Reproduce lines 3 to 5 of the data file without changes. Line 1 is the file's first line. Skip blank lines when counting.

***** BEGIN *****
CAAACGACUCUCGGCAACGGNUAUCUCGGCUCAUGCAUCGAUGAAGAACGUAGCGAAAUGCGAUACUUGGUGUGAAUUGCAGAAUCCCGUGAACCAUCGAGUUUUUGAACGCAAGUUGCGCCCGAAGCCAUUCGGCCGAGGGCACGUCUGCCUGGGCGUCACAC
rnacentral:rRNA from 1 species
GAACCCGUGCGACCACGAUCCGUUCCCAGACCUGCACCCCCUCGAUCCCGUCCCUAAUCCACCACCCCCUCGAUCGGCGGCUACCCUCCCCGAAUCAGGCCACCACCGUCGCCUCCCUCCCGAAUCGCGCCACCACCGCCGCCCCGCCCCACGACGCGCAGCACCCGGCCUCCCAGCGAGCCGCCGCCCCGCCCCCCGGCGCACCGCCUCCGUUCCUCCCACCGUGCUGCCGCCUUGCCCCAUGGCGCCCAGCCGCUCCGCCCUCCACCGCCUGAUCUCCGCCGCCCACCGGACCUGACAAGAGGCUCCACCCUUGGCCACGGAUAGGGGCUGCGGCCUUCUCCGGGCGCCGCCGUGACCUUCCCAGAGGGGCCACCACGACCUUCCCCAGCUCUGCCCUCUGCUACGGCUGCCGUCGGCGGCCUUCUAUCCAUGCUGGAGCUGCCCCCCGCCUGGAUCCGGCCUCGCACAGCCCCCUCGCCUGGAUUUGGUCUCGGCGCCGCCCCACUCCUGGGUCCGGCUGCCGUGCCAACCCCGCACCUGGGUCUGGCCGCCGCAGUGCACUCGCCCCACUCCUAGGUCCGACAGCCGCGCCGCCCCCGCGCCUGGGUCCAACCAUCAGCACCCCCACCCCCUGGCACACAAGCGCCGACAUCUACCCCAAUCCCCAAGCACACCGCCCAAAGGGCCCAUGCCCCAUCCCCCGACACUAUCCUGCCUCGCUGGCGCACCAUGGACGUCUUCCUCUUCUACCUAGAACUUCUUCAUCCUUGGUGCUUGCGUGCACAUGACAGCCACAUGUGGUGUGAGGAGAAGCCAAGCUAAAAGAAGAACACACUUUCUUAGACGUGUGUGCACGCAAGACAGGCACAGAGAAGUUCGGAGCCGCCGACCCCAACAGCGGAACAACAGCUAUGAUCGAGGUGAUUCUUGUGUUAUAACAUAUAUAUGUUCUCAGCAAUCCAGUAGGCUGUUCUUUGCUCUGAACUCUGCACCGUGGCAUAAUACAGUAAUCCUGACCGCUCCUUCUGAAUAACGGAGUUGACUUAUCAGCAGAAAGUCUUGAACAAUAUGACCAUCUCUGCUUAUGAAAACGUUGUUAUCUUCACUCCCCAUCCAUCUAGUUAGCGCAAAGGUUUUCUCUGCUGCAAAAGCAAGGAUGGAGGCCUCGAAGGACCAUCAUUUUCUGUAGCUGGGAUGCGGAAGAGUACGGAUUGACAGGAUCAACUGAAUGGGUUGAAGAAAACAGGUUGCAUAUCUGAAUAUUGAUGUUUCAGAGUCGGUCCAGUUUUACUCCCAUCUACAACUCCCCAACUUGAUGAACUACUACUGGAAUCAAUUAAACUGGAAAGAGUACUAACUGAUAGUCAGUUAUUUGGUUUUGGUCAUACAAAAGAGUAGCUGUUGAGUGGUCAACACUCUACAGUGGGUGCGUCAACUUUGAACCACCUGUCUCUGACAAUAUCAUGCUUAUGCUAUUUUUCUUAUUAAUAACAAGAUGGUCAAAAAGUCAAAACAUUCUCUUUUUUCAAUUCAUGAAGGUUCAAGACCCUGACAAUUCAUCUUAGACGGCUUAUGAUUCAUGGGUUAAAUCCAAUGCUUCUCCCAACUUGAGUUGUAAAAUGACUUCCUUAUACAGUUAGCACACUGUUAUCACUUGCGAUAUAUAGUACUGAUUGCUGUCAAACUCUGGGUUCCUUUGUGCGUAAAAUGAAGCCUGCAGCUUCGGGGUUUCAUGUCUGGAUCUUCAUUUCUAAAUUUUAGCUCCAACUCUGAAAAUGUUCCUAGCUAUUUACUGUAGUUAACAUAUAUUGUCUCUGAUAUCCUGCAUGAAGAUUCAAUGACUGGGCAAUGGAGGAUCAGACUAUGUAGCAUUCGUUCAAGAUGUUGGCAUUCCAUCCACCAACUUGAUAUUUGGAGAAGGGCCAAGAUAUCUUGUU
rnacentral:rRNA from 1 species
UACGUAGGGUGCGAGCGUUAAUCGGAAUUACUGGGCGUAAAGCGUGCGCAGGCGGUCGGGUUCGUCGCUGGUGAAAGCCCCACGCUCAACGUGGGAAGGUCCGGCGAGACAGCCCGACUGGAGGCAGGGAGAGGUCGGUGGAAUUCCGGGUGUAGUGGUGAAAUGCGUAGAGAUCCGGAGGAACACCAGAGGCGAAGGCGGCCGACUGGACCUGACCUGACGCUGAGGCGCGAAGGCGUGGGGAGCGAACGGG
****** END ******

GAACCCGUGCGACCACGAUCCGUUCCCAGACCUGCACCCCCUCGAUCCCGUCCCUAAUCCACCACCCCCUCGAUCGGCGGCUACCCUCCCCGAAUCAGGCCACCACCGUCGCCUCCCUCCCGAAUCGCGCCACCACCGCCGCCCCGCCCCACGACGCGCAGCACCCGGCCUCCCAGCGAGCCGCCGCCCCGCCCCCCGGCGCACCGCCUCCGUUCCUCCCACCGUGCUGCCGCCUUGCCCCAUGGCGCCCAGCCGCUCCGCCCUCCACCGCCUGAUCUCCGCCGCCCACCGGACCUGACAAGAGGCUCCACCCUUGGCCACGGAUAGGGGCUGCGGCCUUCUCCGGGCGCCGCCGUGACCUUCCCAGAGGGGCCACCACGACCUUCCCCAGCUCUGCCCUCUGCUACGGCUGCCGUCGGCGGCCUUCUAUCCAUGCUGGAGCUGCCCCCCGCCUGGAUCCGGCCUCGCACAGCCCCCUCGCCUGGAUUUGGUCUCGGCGCCGCCCCACUCCUGGGUCCGGCUGCCGUGCCAACCCCGCACCUGGGUCUGGCCGCCGCAGUGCACUCGCCCCACUCCUAGGUCCGACAGCCGCGCCGCCCCCGCGCCUGGGUCCAACCAUCAGCACCCCCACCCCCUGGCACACAAGCGCCGACAUCUACCCCAAUCCCCAAGCACACCGCCCAAAGGGCCCAUGCCCCAUCCCCCGACACUAUCCUGCCUCGCUGGCGCACCAUGGACGUCUUCCUCUUCUACCUAGAACUUCUUCAUCCUUGGUGCUUGCGUGCACAUGACAGCCACAUGUGGUGUGAGGAGAAGCCAAGCUAAAAGAAGAACACACUUUCUUAGACGUGUGUGCACGCAAGACAGGCACAGAGAAGUUCGGAGCCGCCGACCCCAACAGCGGAACAACAGCUAUGAUCGAGGUGAUUCUUGUGUUAUAACAUAUAUAUGUUCUCAGCAAUCCAGUAGGCUGUUCUUUGCUCUGAACUCUGCACCGUGGCAUAAUACAGUAAUCCUGACCGCUCCUUCUGAAUAACGGAGUUGACUUAUCAGCAGAAAGUCUUGAACAAUAUGACCAUCUCUGCUUAUGAAAACGUUGUUAUCUUCACUCCCCAUCCAUCUAGUUAGCGCAAAGGUUUUCUCUGCUGCAAAAGCAAGGAUGGAGGCCUCGAAGGACCAUCAUUUUCUGUAGCUGGGAUGCGGAAGAGUACGGAUUGACAGGAUCAACUGAAUGGGUUGAAGAAAACAGGUUGCAUAUCUGAAUAUUGAUGUUUCAGAGUCGGUCCAGUUUUACUCCCAUCUACAACUCCCCAACUUGAUGAACUACUACUGGAAUCAAUUAAACUGGAAAGAGUACUAACUGAUAGUCAGUUAUUUGGUUUUGGUCAUACAAAAGAGUAGCUGUUGAGUGGUCAACACUCUACAGUGGGUGCGUCAACUUUGAACCACCUGUCUCUGACAAUAUCAUGCUUAUGCUAUUUUUCUUAUUAAUAACAAGAUGGUCAAAAAGUCAAAACAUUCUCUUUUUUCAAUUCAUGAAGGUUCAAGACCCUGACAAUUCAUCUUAGACGGCUUAUGAUUCAUGGGUUAAAUCCAAUGCUUCUCCCAACUUGAGUUGUAAAAUGACUUCCUUAUACAGUUAGCACACUGUUAUCACUUGCGAUAUAUAGUACUGAUUGCUGUCAAACUCUGGGUUCCUUUGUGCGUAAAAUGAAGCCUGCAGCUUCGGGGUUUCAUGUCUGGAUCUUCAUUUCUAAAUUUUAGCUCCAACUCUGAAAAUGUUCCUAGCUAUUUACUGUAGUUAACAUAUAUUGUCUCUGAUAUCCUGCAUGAAGAUUCAAUGACUGGGCAAUGGAGGAUCAGACUAUGUAGCAUUCGUUCAAGAUGUUGGCAUUCCAUCCACCAACUUGAUAUUUGGAGAAGGGCCAAGAUAUCUUGUU
rnacentral:rRNA from 1 species
UACGUAGGGUGCGAGCGUUAAUCGGAAUUACUGGGCGUAAAGCGUGCGCAGGCGGUCGGGUUCGUCGCUGGUGAAAGCCCCACGCUCAACGUGGGAAGGUCCGGCGAGACAGCCCGACUGGAGGCAGGGAGAGGUCGGUGGAAUUCCGGGUGUAGUGGUGAAAUGCGUAGAGAUCCGGAGGAACACCAGAGGCGAAGGCGGCCGACUGGACCUGACCUGACGCUGAGGCGCGAAGGCGUGGGGAGCGAACGGG